Road tests / 16 April 2018, 09:00am / Denis Droppa
Johannesburg - Powerful five-cylinder engines have a long tradition at Audi, most notably during the 1980s when they powered the legendary Audi rally cars to victories in the golden Group B era.
Group B was eventually discontinued because the cars became too powerful (the turbocharged Audi Quattro eventually produced a hair-raising 440kW!) and nowadays the power of rally cars is limited with restrictors in the air intakes.
In recent years the inline five-cylinder engine has staged a comeback in production cars bearing the four interlocking rings, including the latest-generation RS3 which recently became available in both Sedan and Sportback variants. It’s the five-door Sportback derivative on test here, which at a price of R903 500 sells for R30 000 less than the four-door RS3 Sedan.
The 2.5-litre turbocharged TFSI is a gem of an engine, punching well above its relatively small size in terms of performance, and also delivering plenty of vocal charm.
Its 294kW of peak power is a remarkable specific output of 117.6kW per litre - as comparison Audi’s most powerful production-car engine, the 5.2-litre V10 used in the R8 Plus, makes only 86.3kW per litre. It’s little surprise that the 2.5 TFSI has been voted “International Engine of the Year” in its class for eight consecutive years.
The RS3 fires its power, along with a gutsy 480Nm of torque, to all four wheels through a seven-speed S Tronic dual-clutch transmission and quattro all-wheel drive.
With the assistance of launch control this car is impressively fast off the mark. According to Audi, the five-cylinder power plant whisks the RS3 Sportback to 100km/h in just 4.1 seconds and the governed 250km/h top speed can be increased to 280km/h on customer request.
In our own tests at Gauteng altitude the vehicle managed a blistering 4.03 seconds from 0-100km/h, slightly quicker even than Audi’s factory-quoted figure.
It’s comfortably the quickest hot-hatch we’ve yet tested, comprehensively outgunning hatches like the VW Golf R (0-100 in 4.9 secs) and Ford Focus RS (5 secs), and also running away from high-powered cars like the BMW M2 coupe (4.6 secs).
The RS3 test car also achieved a 12.4 second quarter mile, placing it in some serious high-performance company against rivals with much bigger engines.
The RS3 has a very accessible power delivery with a free-revving nature and very little turbo lag, and all 480Nm is already available at just 1 625rpm.
The vocally charismatic car makes a raspy exhaust sound which gets even grumpier when Sport mode is selected in the Audi Drive Select system, which also sets the steering, throttle and gearshift responses to a more pulse-quickening rate.
Given the scorching performance on offer, our test vehicle averaged a not-too-excessive fuel consumption of 10.7 litres per 100km, though Audi’s claimed figure of 8.3 litres seemed well out of reach.
The RS3 Sportback’s straightline heroics are matched by its cornering abilities, aided by an active quattro system that varies power distribution based on driving style and can send between 50 and 100 percent of the drive to the rear axle.
The test car was equipped with the optional RS sport suspension plus with adaptive damper control, which in Sport mode stiffens the suspension to minimise body roll.
In fast turns the car felt very assured, with a very quick turn-in and all-round pointy handling with none of the understeer that once characterised all-wheel drive cars. This is a quattro system that allows the early-on-the-throttle corner exits that enthusiast drivers so crave.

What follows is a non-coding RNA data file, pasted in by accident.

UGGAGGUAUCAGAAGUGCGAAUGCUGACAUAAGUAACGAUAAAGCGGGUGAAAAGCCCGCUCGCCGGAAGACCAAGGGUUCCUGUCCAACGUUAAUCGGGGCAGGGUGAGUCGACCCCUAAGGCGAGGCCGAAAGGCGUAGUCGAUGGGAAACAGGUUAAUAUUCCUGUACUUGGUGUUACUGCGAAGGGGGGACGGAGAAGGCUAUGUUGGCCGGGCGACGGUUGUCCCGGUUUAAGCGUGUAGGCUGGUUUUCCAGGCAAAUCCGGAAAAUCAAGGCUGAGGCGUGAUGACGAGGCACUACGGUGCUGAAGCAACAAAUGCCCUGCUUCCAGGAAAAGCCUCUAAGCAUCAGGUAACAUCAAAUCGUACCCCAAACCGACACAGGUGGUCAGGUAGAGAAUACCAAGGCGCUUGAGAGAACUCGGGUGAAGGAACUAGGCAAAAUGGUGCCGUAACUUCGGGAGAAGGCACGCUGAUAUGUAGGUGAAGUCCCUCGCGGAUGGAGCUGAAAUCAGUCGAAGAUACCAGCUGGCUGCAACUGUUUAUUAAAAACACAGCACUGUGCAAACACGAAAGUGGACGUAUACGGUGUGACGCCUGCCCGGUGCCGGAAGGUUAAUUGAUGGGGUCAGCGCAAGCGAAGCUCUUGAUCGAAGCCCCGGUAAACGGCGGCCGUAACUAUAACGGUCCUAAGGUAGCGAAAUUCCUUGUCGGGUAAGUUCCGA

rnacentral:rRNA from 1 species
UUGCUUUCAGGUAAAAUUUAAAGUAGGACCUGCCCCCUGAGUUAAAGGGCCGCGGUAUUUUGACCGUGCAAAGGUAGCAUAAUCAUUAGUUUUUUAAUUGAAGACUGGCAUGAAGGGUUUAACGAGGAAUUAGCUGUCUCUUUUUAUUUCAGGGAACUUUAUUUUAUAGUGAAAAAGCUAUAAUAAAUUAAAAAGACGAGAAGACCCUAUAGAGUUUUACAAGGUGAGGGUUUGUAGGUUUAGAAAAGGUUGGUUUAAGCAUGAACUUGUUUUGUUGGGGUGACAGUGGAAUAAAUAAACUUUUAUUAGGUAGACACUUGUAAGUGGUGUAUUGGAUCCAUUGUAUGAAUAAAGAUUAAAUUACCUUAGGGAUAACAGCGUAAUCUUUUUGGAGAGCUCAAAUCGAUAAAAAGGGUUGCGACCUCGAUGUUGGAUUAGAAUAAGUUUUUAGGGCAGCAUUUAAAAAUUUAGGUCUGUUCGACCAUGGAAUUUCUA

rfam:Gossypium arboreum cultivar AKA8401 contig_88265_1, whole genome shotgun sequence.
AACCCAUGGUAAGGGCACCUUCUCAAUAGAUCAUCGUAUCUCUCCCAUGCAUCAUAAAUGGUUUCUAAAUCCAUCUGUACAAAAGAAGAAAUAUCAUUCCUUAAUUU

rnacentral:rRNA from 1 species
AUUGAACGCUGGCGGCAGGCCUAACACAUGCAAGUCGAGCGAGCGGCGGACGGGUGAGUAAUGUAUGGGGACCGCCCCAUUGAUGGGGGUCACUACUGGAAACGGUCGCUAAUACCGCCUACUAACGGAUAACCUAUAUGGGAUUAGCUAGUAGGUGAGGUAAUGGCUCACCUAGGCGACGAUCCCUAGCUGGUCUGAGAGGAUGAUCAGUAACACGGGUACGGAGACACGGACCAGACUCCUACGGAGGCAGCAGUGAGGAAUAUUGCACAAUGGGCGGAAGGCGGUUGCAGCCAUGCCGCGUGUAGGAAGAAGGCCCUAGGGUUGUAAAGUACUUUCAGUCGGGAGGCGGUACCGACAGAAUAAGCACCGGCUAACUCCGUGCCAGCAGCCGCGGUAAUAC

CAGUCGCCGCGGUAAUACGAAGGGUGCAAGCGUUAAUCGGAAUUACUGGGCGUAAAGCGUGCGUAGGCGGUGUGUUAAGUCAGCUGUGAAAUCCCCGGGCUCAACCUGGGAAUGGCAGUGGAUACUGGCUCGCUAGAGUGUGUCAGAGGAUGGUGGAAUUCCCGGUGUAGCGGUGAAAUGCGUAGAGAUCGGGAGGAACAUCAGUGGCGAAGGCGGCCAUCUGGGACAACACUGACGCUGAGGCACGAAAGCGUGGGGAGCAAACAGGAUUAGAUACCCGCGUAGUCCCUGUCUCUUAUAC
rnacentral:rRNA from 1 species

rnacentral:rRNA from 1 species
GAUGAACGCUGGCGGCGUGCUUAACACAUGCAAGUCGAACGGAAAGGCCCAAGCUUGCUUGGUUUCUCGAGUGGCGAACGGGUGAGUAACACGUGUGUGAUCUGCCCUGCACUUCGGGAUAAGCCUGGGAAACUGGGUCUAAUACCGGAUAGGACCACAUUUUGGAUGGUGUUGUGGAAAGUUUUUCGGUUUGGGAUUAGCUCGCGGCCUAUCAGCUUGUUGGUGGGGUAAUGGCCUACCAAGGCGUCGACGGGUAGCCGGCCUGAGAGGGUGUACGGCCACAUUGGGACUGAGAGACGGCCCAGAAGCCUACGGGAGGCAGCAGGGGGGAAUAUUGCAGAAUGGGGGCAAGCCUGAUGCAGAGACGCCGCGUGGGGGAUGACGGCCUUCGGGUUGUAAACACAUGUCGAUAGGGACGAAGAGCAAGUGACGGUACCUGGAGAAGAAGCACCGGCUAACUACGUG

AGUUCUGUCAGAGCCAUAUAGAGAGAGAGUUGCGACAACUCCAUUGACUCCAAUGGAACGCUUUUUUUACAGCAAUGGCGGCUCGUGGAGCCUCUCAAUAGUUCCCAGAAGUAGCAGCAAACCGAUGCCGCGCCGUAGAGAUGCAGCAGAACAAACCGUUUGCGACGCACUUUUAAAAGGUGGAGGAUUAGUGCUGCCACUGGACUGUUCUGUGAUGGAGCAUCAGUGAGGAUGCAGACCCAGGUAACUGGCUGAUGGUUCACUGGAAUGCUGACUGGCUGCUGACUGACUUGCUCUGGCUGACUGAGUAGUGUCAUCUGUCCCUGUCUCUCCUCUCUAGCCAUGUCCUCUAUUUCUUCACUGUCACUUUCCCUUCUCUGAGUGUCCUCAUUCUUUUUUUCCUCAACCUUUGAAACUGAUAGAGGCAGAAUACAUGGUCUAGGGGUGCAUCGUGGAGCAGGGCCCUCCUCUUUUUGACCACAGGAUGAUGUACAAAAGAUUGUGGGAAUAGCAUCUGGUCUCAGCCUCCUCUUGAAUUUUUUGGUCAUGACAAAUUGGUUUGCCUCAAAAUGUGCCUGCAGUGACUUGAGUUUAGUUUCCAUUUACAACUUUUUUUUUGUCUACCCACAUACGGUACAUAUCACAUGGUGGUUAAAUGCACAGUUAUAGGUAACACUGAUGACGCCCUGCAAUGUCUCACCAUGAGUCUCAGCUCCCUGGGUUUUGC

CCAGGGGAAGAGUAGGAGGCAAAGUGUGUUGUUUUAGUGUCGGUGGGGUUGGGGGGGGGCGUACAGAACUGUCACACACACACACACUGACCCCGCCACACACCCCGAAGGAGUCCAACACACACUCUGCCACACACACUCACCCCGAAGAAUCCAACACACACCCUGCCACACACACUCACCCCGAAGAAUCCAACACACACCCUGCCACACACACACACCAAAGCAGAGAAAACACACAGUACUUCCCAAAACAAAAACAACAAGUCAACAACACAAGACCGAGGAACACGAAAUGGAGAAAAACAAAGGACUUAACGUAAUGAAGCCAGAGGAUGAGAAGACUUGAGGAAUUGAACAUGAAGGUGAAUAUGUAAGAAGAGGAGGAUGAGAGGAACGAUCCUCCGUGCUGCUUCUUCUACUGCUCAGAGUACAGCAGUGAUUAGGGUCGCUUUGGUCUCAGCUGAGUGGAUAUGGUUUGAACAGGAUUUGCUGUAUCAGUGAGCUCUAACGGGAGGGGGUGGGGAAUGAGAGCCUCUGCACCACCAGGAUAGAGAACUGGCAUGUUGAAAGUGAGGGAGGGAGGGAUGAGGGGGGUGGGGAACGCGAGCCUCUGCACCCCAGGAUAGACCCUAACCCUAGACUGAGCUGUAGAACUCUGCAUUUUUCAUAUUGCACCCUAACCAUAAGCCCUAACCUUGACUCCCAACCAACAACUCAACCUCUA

It’s a very settled and forgiving car that allows you to drive it by the scruff of its neck without getting out of shape.
Around our handling track the brakes also took a lot of punishment without fading, and if you plan on doing a lot of high-performance track days the standard steel discs can be replaced in the front by carbon ceramic units as an extra-cost option.
The RS3 Sportback is visually amped-up with athletic plumage that includes a three-dimensional honeycomb grille and bolder-looking bumpers. Spicing up the rear view is a diffuser with two large oval tailpipes, and an RS-specific roof spoiler.
The standard wheels are 18 inchers but the test car wore 19“ mags with extra low-profile rubber. These made for predictably jarring ride over bumps and potholes, but in general the RS3 delivered a firm ride that wasn’t too uncomfortable on smoother tar.
You’re welcomed into the cockpit by illuminated RS3 signs on the door sills, but otherwise the standard cabin isn’t overwhelmingly sporty in decor. You have to pay extra for the optional RS design package if you want air vents with red accent rings, Alcantara door trim, and stainless steel pedals.
The standard-fit sport seats are covered in black Nappa leather with contrast stitching, but the more supportive RS sport seats with diamond quilt pattern require another dip into your ‘extras‘ budget.
The fancy-looking digital dashboard (Audi virtual cockpit) with its personalisable views is yet another feature that doesn’t come standard. Active cruise control and reversing camera? Yup, they cost extra too, the point being that if you start ticking the options boxes it will quickly push the price close to the million rand mark.
Audi now has seven RS models for sale in SA: the RS 3 Sportback, RS Q3, RS 4 Avant, RS 5 Coupé, RS 5 Cabriolet, RS 6 Avant and the RS 7 Sportback.
The RS3 Sportback is dynamite in a compact package. Pity that a lot of the cool kit costs extra, but the stuff that comes standard does tick the right boxes: it’s an intensely enjoyable car with the pace, sound and handling to satisfy the most demanding drivers.